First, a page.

Sometimes free-marketeers are branded “free market fundamentalists” or something similar by their ideological opponents. The implication is that our preference for a society in which free people interact voluntarily to organize society’s resources is an irrational desire or a religion. I’m sure there’s a similar epithet we give to nanny staters—oh, there’s one, “nanny staters”—who we believe to have excessive faith in government solutions.
Market processes have decent theoretical explanations, such as Friedrich Hayek’s essay, “The Use of Knowledge in Society.” It’s not the easiest read, but lovers of the Internet, who see the genius of its decentralization, should see similar genius in markets as a method for discovering society’s wants and uniting to achieve them—without coercion.
From time to time, we also point out examples of how market processes work to deliver even intangible goods like privacy. So, for example, I noted market pressure against Facebook’s privacy-invasive “beacon” advertising system in 2007. Berin pointed out in 2008 that market forces caused Google to remove an oppressive clause from the Chrome end user license agreement. Google competitor Cuil made a run at the search behemoth based on privacy that year, something I noted briefly then (and Ryan and I discussed in the comments). I’ve also noted the failure of many to find true market failures.
As Cuil illustrates, not every privacy play works, but companies routinely pitch the public on the privacy merits of their products and the demerits of others’. It’s not a highly visible process, but it sometimes gets a little more visible when it fails. So thank you, Facebook, for a big #FAIL in the privacy competition area this week. You provide us a nice lesson in one of the ways markets work to meet consumer privacy demands.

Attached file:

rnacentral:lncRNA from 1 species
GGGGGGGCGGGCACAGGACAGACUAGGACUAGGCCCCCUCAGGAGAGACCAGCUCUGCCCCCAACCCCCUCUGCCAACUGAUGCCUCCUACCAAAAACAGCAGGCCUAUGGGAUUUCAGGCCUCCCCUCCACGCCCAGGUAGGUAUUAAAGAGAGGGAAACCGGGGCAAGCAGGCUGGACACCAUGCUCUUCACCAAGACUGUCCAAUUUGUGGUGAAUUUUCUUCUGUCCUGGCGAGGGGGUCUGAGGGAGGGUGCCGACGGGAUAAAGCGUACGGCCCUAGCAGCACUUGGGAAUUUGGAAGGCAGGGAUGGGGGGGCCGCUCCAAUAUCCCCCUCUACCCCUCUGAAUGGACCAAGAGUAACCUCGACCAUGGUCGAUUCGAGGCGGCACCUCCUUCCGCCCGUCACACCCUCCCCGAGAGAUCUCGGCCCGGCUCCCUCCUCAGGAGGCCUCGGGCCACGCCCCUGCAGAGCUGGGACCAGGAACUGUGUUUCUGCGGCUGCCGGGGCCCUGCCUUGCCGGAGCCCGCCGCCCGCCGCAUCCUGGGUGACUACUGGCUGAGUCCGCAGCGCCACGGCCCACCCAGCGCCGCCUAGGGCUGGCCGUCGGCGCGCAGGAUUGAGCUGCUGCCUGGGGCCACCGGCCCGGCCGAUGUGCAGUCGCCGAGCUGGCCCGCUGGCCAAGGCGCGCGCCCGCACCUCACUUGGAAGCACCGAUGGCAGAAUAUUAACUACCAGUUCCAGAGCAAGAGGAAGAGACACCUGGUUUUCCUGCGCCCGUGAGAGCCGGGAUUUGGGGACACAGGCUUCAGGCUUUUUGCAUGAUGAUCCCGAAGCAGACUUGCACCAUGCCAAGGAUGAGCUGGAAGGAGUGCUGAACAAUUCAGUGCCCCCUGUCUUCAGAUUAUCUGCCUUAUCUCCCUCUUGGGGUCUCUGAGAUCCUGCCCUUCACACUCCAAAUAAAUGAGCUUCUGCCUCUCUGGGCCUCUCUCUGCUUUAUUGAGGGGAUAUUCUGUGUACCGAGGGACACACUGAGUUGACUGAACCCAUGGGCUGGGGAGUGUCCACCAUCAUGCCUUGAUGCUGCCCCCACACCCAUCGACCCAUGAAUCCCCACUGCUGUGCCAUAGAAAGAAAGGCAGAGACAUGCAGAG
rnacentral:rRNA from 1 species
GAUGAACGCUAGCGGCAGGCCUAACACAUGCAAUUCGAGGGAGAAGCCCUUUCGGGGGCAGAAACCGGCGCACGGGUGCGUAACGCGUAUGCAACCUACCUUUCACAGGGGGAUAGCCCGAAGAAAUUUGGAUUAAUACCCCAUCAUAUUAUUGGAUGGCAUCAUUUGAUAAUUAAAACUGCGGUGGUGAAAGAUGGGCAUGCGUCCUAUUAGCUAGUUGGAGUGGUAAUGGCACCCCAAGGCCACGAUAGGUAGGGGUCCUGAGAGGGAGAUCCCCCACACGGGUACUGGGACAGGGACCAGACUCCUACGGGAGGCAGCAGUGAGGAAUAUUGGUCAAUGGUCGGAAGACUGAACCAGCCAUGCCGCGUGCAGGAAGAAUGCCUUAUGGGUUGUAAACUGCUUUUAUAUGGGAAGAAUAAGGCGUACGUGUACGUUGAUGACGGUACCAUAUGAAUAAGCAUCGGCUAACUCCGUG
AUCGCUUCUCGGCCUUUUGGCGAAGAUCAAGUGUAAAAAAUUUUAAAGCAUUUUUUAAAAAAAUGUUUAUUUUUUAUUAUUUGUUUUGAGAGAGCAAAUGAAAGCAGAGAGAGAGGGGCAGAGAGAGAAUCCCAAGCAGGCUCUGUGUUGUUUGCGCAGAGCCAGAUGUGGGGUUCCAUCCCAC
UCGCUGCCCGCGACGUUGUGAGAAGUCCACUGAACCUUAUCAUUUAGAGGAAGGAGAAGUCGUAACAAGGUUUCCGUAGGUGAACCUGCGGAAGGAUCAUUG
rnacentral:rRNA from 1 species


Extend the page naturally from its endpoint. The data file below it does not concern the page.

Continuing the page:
You see, Facebook hired PR firm Burson-Marsteller to do a whisper campaign on the privacy demerits of a Google product called Social Circle. By pushing the story of privacy problems with a Google effort in the social networking space, Facebook hoped to thwart a competitor that it fears. Success would also be a success for privacy protection. If Google were doing something wrong, and Facebook were to make the case to the public, Google would lose face and it would lose business. Most importantly, a privacy-invasive product—as determined by public consensus—would recede. Markets often work by silently shunning products that don’t cut it. (Again, hard to see if you’re not looking for it, or if you’re committed to disbelieving it.)
Facebook appears not to have succeeded. Prickly privacy advocate Chris Soghoian outed the Burson-Marsteller campaign. Dan Lyons of the Daily Beast cornered Facebook into confessing its role in the attack on Google. And privacy commentator Kashmir Hill gives the privacy issues with Social Circle a “meh.”
When it happens differently, you get a change in a service like Social Circle—the way Facebook changed “beacon” and Google changed the Chrome EULA. These are anecdotes, and they reflect but one element of the market processes that shape products and services. But it’s something that “market denialists” should consider as they dig deep to explain to themselves and others how various mechanisms in our society work.